Jenny Robinson shows her gigantic prints at the French Académie

Laure de Gramont, Paris Diary by Laure . com, Septembre 21, 2021

Paris Diary by Laure . com

Newsletter - 21/09/2021


Jenny Robinson shows her gigantic prints
at the French Académie


British artist Jenny Robinson reigns over the 6 th arrondissement. After winning the Printmaker’s prize Mario Avati, a 40 000€ award given by Académie des Beaux Arts to confirmed printmakers in memory of Mario Avati she was offered an exhibition at Pavillon Comtesse de Caen, and another one at Galerie Documents 15, a few hundred meters away. At the opening, she was introduced and congratulated by her fellow printmaker, Erik Desmazières, for her reinterpretation of the urban landscape which she does with great poetry. 


Jenny Robinson is on the verge of moving from San Francisco, where she has worked for eighteen years, to Australia where her husband now lives. She was raised in Borneo and trained later in Great Britain. But at the moment she is stuck at home in GB and in France for our greatest pleasure.


Her work has a kaleidoscopic quality because she often uses the same print in a two-dimensional way and her fascination with bridges and ironworks is interesting for such a feminine artist. Her inspiration in the last 18 years was the Hunter’s point shipyards in San Francisco and a decommissioned airship hangar at Moffett field. She draws bold interlocking images of scaffolding printed on lightweight Japanese paper, “a material juxtaposition that points out the ironic contrast between the inevitable destruction of the welded metal building and the museum-conserved future of its likeness pressed into semi transparent tissue” as fellow artist Ellen Heck writes in the catalog. But she also admits to having loved the charm of Spanish architecture discovered recently in the Palm gardens  of Barcelona.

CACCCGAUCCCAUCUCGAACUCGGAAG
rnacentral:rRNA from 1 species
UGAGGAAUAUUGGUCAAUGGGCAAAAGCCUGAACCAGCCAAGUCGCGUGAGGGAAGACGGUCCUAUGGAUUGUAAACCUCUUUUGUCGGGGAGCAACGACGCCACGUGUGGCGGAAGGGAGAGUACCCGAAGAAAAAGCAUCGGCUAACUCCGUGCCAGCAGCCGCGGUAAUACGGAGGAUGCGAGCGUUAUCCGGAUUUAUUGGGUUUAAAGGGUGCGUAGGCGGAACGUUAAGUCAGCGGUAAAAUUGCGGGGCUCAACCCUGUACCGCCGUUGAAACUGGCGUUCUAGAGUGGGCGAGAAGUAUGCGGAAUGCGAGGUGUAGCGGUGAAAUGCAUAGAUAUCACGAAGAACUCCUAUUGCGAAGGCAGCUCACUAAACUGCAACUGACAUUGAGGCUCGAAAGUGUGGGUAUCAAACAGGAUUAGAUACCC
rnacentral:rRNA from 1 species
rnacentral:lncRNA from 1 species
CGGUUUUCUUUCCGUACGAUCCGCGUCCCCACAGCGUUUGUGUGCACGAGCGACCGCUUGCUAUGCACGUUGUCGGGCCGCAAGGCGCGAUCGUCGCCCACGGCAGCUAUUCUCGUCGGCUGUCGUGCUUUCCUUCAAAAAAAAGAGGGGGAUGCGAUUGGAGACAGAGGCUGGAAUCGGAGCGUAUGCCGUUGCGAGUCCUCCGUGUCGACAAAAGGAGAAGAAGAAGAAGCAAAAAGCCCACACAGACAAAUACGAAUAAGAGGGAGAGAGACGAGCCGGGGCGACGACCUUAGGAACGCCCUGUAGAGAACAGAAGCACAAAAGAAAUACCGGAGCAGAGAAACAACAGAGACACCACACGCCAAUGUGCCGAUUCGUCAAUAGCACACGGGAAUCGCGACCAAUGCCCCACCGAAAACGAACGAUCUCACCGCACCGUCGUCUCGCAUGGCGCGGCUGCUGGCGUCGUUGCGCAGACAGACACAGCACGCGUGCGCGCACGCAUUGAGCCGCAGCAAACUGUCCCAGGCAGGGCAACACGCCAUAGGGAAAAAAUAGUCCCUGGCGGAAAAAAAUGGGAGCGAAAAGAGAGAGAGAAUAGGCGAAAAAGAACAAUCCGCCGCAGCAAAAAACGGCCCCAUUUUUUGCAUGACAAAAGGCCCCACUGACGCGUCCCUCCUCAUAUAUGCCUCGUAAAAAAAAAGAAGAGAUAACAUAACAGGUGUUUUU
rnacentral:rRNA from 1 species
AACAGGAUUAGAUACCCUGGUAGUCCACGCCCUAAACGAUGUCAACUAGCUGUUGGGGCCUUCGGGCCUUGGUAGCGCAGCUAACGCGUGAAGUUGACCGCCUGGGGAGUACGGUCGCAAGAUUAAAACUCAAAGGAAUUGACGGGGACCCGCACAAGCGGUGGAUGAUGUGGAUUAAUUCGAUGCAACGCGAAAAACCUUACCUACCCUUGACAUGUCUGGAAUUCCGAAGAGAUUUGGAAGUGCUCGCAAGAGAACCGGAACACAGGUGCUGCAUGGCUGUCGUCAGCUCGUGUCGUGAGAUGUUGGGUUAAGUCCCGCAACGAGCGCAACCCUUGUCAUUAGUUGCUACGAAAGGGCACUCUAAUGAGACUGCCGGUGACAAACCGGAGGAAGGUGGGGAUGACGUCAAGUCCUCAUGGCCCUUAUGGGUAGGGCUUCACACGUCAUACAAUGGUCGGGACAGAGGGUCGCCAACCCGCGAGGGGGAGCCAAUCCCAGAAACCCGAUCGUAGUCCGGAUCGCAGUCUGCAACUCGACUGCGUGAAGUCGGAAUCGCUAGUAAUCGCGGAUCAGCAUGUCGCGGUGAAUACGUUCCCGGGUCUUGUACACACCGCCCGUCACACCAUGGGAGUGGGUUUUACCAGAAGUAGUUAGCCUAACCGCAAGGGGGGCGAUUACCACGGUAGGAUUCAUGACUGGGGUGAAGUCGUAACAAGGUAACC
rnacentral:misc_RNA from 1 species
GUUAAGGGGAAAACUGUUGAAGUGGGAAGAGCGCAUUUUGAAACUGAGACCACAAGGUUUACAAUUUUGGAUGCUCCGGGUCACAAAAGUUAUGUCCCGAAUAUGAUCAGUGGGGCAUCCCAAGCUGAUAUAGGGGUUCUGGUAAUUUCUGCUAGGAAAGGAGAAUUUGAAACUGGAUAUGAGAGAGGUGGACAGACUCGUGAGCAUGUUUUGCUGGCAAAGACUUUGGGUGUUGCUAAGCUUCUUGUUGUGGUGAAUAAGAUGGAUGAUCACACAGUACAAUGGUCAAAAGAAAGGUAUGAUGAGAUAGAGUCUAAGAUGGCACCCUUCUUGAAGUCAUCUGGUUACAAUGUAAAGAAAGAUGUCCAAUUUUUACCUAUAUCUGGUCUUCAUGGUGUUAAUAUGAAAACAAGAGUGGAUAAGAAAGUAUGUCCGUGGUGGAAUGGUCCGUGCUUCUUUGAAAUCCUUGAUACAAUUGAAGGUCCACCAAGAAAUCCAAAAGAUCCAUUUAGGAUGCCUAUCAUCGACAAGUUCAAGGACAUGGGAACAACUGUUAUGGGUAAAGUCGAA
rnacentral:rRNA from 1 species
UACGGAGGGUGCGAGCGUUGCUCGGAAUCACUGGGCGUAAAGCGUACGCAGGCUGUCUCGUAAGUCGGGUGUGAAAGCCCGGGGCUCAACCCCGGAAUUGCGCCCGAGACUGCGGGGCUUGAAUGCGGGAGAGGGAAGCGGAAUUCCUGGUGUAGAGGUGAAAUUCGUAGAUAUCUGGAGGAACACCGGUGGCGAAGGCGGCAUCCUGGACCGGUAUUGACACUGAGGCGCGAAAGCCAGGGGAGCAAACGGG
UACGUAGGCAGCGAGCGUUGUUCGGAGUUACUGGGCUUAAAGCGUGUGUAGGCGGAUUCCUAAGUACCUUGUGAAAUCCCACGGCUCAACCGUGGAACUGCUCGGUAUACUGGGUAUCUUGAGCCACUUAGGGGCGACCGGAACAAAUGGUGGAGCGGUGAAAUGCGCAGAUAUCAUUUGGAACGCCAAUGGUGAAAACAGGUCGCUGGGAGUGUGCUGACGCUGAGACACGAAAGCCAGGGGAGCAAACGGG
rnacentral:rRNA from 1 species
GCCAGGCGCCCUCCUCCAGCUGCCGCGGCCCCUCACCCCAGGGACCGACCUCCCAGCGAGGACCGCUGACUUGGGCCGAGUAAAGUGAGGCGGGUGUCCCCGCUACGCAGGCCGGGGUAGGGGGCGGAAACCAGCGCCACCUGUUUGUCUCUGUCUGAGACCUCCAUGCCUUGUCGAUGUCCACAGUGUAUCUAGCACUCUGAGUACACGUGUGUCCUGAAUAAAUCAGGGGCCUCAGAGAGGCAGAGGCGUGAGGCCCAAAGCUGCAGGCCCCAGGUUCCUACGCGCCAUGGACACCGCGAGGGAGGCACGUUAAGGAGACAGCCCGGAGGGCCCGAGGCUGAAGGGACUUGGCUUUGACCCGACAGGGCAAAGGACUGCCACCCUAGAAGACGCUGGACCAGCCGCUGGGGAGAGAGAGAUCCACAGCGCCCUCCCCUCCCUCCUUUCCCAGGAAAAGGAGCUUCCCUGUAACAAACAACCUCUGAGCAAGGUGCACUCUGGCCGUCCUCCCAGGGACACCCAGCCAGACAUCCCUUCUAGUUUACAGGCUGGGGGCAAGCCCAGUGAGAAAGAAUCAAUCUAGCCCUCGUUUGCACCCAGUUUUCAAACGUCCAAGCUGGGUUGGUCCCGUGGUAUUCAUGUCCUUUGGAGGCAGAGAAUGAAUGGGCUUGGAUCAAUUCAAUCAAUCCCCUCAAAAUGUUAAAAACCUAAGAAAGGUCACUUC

The artist works very precisely on the contrast of dark and light in the process of her printing and she sometimes adds, indigo, sepia, brick red and white against a black background. Gasometers, spiral parking garages, rollercoasters, ferries wheels, ships and hangars are all represented in her work and they occupy the large space at Pavillon Comtesse de Caen where some of the huge prints float in the dark on ultra light Japanese paper. An interesting video, made for the show, narrates her printing technique and shows the artist dancing around the studio with her very large floating works. It is extremely pretty.


Until October 16 at Galerie Documents 15 and Académie des Beaux Arts until October 17. A catalog with a text by Ellen Heck is available in English for 30€. And don’t miss the new bookstore “Les Immortels” whithin the Institut, which only sells books written by members of the Académie. This is very reassuring for literary snobs who are afraid of missing out on les Immortels as Academicians are called.